In Namibia, private and parastatal health institutions have an important role to play in harmonizing prevention and control efforts, as well as addressing drug resistance. The Namibia Institute of Pathology (NIP) plays a significant role in addressing the current and emerging public health concerns as the national medical laboratory for testing both epidemic‐ and non‐epidemic‐prone diseases and medical conditions in the public sector. (WHO, 2010)
Namibia needs to have a recognised National Public Health Laboratory (NPHL) although some relevant analyses can be performed at the NIP. UN agencies play a pivotal role (under UNDAF Outcome 2: “Livelihoods and food security are improved”) and organizations such as the Namibian Red Cross Society have been instrumental in initiating emergency appeals and responses. (WHO, 2010)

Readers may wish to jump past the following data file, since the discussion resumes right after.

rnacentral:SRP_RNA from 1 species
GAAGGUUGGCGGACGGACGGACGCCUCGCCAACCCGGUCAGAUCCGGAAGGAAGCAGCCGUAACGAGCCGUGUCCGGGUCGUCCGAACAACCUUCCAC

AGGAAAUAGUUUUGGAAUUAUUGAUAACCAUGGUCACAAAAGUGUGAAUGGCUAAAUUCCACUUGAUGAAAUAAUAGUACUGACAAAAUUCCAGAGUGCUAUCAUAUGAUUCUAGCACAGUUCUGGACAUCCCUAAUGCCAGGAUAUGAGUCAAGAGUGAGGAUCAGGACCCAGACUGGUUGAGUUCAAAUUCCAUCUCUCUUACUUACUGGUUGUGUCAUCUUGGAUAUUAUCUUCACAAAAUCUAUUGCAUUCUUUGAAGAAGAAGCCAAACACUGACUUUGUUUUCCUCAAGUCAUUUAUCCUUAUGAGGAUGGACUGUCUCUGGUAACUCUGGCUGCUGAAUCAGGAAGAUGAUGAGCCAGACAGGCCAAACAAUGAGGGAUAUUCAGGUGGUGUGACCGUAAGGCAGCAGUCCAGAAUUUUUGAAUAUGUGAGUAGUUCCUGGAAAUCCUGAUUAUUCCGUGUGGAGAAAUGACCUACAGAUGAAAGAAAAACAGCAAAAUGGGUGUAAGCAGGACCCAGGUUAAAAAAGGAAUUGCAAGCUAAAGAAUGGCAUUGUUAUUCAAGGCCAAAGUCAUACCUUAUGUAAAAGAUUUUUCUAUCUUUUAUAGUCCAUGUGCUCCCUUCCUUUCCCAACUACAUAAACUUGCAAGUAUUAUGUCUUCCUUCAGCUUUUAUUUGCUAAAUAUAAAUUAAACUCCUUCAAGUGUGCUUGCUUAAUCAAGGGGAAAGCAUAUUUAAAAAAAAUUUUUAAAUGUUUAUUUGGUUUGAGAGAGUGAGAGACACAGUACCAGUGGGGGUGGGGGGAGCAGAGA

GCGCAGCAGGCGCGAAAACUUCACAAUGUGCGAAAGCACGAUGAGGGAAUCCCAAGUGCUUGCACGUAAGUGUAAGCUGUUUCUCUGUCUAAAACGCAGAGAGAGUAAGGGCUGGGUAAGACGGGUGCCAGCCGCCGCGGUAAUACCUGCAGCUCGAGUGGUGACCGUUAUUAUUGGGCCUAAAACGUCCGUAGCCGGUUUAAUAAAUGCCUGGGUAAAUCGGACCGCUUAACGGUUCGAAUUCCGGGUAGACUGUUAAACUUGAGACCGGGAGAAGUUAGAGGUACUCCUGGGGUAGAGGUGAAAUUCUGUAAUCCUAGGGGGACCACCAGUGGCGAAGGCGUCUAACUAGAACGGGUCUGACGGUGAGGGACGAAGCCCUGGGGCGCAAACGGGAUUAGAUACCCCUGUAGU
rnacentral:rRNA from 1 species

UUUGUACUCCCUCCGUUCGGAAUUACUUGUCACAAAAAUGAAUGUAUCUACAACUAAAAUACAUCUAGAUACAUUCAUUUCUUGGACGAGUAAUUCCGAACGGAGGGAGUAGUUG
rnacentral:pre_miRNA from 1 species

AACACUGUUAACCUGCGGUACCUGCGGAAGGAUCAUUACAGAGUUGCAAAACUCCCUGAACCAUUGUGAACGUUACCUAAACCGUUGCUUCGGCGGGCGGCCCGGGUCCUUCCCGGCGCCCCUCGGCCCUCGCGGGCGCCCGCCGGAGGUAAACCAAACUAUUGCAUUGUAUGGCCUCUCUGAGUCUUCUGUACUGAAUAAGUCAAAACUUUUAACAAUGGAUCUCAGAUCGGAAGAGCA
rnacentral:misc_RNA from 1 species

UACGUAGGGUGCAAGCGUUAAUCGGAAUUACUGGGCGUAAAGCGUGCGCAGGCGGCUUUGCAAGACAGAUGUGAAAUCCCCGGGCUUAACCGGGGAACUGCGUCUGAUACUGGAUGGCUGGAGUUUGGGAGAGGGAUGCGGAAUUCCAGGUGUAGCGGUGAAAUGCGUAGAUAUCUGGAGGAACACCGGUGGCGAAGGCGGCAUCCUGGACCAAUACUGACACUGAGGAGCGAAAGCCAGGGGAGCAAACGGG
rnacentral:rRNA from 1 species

Capacity must be built in the area of surveillance at the ports of entry to detect and contain the spread of any public health emergency of international concern. In Namibia, IHR (2005) will be implemented in the context of Integrated Disease Surveillance and Response (IDSR). The IDSR guidelines and tools are currently under review, and will be updated and harmonized in line with the IHR. The MOHSS needs to devise optimal strategies for the integration of immunization with other interventions such as administration of vitamin A, distribution of insecticide‐treated mosquito nets, growth monitoring and administration of anti‐helminthics. (WHO, 2010)
Unlike the 1969 IHR, which initially covered six quarantinable diseases, the IHR (2005) that came into force in June 2007 address all events that may constitute public health emergencies of international concern and are binding to all WHO Member States. Namibia has assessed its core capacities and is about to develop a plan to address the identified gaps in order to comply with IHR (2005). A focus on environmental health will address issues related to water quality, food safety, sanitation standards and health‐related climate change impact. (WHO, 2010)